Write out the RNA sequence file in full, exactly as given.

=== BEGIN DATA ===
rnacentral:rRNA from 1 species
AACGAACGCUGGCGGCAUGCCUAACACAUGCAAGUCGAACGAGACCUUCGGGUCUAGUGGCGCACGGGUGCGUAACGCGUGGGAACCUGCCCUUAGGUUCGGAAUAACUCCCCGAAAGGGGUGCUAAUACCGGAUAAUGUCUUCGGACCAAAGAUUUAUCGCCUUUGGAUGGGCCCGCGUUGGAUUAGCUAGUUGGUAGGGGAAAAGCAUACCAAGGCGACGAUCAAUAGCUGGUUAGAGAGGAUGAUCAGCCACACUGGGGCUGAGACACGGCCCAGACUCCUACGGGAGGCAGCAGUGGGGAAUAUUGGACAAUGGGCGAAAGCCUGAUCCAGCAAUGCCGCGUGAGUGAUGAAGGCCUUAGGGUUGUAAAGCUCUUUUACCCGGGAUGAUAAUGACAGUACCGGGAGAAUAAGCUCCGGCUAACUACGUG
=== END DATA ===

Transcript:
rnacentral:rRNA from 1 species
AACGAACGCUGGCGGCAUGCCUAACACAUGCAAGUCGAACGAGACCUUCGGGUCUAGUGGCGCACGGGUGCGUAACGCGUGGGAACCUGCCCUUAGGUUCGGAAUAACUCCCCGAAAGGGGUGCUAAUACCGGAUAAUGUCUUCGGACCAAAGAUUUAUCGCCUUUGGAUGGGCCCGCGUUGGAUUAGCUAGUUGGUAGGGGAAAAGCAUACCAAGGCGACGAUCAAUAGCUGGUUAGAGAGGAUGAUCAGCCACACUGGGGCUGAGACACGGCCCAGACUCCUACGGGAGGCAGCAGUGGGGAAUAUUGGACAAUGGGCGAAAGCCUGAUCCAGCAAUGCCGCGUGAGUGAUGAAGGCCUUAGGGUUGUAAAGCUCUUUUACCCGGGAUGAUAAUGACAGUACCGGGAGAAUAAGCUCCGGCUAACUACGUG